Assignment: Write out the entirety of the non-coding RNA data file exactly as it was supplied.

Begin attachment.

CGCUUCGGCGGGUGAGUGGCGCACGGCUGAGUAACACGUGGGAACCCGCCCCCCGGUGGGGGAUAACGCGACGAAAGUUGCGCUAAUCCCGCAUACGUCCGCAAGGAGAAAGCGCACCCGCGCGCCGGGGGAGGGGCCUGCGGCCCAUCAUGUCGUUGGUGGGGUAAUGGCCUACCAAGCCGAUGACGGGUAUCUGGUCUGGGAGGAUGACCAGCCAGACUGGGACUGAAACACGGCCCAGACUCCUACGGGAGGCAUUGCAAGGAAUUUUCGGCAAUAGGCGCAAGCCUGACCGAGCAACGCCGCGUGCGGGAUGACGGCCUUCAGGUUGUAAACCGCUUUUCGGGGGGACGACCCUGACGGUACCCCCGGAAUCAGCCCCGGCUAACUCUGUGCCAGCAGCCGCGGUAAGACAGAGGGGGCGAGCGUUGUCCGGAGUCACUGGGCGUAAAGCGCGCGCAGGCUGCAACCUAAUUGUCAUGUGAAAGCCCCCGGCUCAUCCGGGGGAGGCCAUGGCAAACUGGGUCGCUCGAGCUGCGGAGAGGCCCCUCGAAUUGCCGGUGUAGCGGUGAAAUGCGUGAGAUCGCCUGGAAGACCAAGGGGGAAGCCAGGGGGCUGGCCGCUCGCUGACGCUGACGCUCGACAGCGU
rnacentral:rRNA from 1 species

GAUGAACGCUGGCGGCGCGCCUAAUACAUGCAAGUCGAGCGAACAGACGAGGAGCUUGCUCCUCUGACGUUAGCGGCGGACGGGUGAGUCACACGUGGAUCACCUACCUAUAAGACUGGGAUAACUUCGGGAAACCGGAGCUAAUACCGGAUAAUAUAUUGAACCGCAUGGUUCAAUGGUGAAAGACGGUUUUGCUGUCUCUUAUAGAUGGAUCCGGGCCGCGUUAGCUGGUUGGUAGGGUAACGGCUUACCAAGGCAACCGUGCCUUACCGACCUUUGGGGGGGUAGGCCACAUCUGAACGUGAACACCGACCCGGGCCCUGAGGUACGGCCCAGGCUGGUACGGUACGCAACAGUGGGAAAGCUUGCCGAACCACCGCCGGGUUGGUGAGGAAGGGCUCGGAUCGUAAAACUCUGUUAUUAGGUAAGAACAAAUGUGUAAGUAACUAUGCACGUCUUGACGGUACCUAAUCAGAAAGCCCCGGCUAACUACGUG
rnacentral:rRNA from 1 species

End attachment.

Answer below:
CGCUUCGGCGGGUGAGUGGCGCACGGCUGAGUAACACGUGGGAACCCGCCCCCCGGUGGGGGAUAACGCGACGAAAGUUGCGCUAAUCCCGCAUACGUCCGCAAGGAGAAAGCGCACCCGCGCGCCGGGGGAGGGGCCUGCGGCCCAUCAUGUCGUUGGUGGGGUAAUGGCCUACCAAGCCGAUGACGGGUAUCUGGUCUGGGAGGAUGACCAGCCAGACUGGGACUGAAACACGGCCCAGACUCCUACGGGAGGCAUUGCAAGGAAUUUUCGGCAAUAGGCGCAAGCCUGACCGAGCAACGCCGCGUGCGGGAUGACGGCCUUCAGGUUGUAAACCGCUUUUCGGGGGGACGACCCUGACGGUACCCCCGGAAUCAGCCCCGGCUAACUCUGUGCCAGCAGCCGCGGUAAGACAGAGGGGGCGAGCGUUGUCCGGAGUCACUGGGCGUAAAGCGCGCGCAGGCUGCAACCUAAUUGUCAUGUGAAAGCCCCCGGCUCAUCCGGGGGAGGCCAUGGCAAACUGGGUCGCUCGAGCUGCGGAGAGGCCCCUCGAAUUGCCGGUGUAGCGGUGAAAUGCGUGAGAUCGCCUGGAAGACCAAGGGGGAAGCCAGGGGGCUGGCCGCUCGCUGACGCUGACGCUCGACAGCGU
rnacentral:rRNA from 1 species

GAUGAACGCUGGCGGCGCGCCUAAUACAUGCAAGUCGAGCGAACAGACGAGGAGCUUGCUCCUCUGACGUUAGCGGCGGACGGGUGAGUCACACGUGGAUCACCUACCUAUAAGACUGGGAUAACUUCGGGAAACCGGAGCUAAUACCGGAUAAUAUAUUGAACCGCAUGGUUCAAUGGUGAAAGACGGUUUUGCUGUCUCUUAUAGAUGGAUCCGGGCCGCGUUAGCUGGUUGGUAGGGUAACGGCUUACCAAGGCAACCGUGCCUUACCGACCUUUGGGGGGGUAGGCCACAUCUGAACGUGAACACCGACCCGGGCCCUGAGGUACGGCCCAGGCUGGUACGGUACGCAACAGUGGGAAAGCUUGCCGAACCACCGCCGGGUUGGUGAGGAAGGGCUCGGAUCGUAAAACUCUGUUAUUAGGUAAGAACAAAUGUGUAAGUAACUAUGCACGUCUUGACGGUACCUAAUCAGAAAGCCCCGGCUAACUACGUG
rnacentral:rRNA from 1 species